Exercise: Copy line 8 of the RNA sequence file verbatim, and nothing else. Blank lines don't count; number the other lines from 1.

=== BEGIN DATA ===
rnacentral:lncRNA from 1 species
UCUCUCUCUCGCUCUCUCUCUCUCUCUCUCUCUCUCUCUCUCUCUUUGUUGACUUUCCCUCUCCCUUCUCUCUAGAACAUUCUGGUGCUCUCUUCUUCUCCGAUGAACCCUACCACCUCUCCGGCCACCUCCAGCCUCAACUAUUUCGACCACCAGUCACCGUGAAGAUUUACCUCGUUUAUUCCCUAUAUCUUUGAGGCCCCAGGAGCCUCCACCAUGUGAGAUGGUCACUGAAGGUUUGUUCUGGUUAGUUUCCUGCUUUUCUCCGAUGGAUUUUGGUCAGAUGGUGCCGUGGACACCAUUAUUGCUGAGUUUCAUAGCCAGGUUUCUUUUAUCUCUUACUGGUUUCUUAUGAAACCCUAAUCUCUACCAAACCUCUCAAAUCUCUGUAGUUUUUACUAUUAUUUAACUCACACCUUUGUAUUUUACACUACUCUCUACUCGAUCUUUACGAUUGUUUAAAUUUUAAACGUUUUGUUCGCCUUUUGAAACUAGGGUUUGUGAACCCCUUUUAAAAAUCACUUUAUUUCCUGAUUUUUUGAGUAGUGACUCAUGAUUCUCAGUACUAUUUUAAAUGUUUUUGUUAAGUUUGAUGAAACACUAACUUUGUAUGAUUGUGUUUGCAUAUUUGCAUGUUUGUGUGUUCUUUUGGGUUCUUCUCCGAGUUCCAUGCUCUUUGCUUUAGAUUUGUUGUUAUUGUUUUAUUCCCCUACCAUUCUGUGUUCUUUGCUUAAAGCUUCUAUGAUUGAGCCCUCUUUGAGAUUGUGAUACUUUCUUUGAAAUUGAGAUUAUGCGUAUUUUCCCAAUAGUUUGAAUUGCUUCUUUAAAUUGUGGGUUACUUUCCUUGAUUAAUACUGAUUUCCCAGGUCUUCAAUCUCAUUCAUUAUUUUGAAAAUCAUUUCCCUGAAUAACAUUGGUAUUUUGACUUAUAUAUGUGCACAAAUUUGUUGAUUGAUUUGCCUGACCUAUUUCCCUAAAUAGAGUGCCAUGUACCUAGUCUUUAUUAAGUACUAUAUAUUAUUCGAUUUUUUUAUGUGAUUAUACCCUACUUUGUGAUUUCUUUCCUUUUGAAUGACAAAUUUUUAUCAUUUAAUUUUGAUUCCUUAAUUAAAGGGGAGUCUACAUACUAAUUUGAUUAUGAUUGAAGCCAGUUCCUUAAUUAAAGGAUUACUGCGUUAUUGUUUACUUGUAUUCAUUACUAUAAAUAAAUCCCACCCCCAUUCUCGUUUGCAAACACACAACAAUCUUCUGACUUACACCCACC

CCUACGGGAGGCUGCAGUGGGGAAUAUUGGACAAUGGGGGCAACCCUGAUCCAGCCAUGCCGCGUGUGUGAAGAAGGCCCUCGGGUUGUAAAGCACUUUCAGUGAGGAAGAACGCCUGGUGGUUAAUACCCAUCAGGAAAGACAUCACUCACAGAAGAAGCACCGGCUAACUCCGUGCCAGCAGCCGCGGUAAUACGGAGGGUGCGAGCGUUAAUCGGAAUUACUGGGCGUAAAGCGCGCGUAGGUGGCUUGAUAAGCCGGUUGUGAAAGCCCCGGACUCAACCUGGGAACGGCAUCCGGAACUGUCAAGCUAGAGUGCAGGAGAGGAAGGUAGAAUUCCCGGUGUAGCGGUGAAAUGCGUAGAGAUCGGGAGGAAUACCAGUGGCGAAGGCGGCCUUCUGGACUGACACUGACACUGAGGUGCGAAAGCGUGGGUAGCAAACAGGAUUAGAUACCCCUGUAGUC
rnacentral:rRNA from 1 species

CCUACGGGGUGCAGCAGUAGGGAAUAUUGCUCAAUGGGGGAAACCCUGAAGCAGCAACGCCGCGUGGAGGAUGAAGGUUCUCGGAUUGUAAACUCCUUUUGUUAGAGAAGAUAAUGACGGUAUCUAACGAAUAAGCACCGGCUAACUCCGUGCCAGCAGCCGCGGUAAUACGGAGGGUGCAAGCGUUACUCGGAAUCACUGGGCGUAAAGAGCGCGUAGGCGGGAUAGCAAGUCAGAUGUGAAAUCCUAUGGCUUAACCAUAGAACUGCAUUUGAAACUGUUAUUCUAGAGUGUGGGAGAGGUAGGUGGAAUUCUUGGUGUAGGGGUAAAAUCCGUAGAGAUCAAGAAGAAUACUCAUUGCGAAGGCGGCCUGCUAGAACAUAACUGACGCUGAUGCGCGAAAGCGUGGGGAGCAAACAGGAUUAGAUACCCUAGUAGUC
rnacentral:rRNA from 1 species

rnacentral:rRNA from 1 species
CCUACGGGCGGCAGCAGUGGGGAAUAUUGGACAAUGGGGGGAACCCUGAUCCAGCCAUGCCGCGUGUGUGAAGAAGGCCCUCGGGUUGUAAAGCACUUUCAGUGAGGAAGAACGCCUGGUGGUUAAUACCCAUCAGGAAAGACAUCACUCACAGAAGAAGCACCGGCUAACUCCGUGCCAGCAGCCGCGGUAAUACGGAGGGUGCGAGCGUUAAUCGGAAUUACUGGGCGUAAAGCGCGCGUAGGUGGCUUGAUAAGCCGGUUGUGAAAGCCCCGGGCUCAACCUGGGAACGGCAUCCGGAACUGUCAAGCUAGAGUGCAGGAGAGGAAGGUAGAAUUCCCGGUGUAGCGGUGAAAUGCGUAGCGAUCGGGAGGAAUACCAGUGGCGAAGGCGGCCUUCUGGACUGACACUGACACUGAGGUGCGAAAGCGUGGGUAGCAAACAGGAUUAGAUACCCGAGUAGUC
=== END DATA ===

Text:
CCUACGGGCGGCAGCAGUGGGGAAUAUUGGACAAUGGGGGGAACCCUGAUCCAGCCAUGCCGCGUGUGUGAAGAAGGCCCUCGGGUUGUAAAGCACUUUCAGUGAGGAAGAACGCCUGGUGGUUAAUACCCAUCAGGAAAGACAUCACUCACAGAAGAAGCACCGGCUAACUCCGUGCCAGCAGCCGCGGUAAUACGGAGGGUGCGAGCGUUAAUCGGAAUUACUGGGCGUAAAGCGCGCGUAGGUGGCUUGAUAAGCCGGUUGUGAAAGCCCCGGGCUCAACCUGGGAACGGCAUCCGGAACUGUCAAGCUAGAGUGCAGGAGAGGAAGGUAGAAUUCCCGGUGUAGCGGUGAAAUGCGUAGCGAUCGGGAGGAAUACCAGUGGCGAAGGCGGCCUUCUGGACUGACACUGACACUGAGGUGCGAAAGCGUGGGUAGCAAACAGGAUUAGAUACCCGAGUAGUC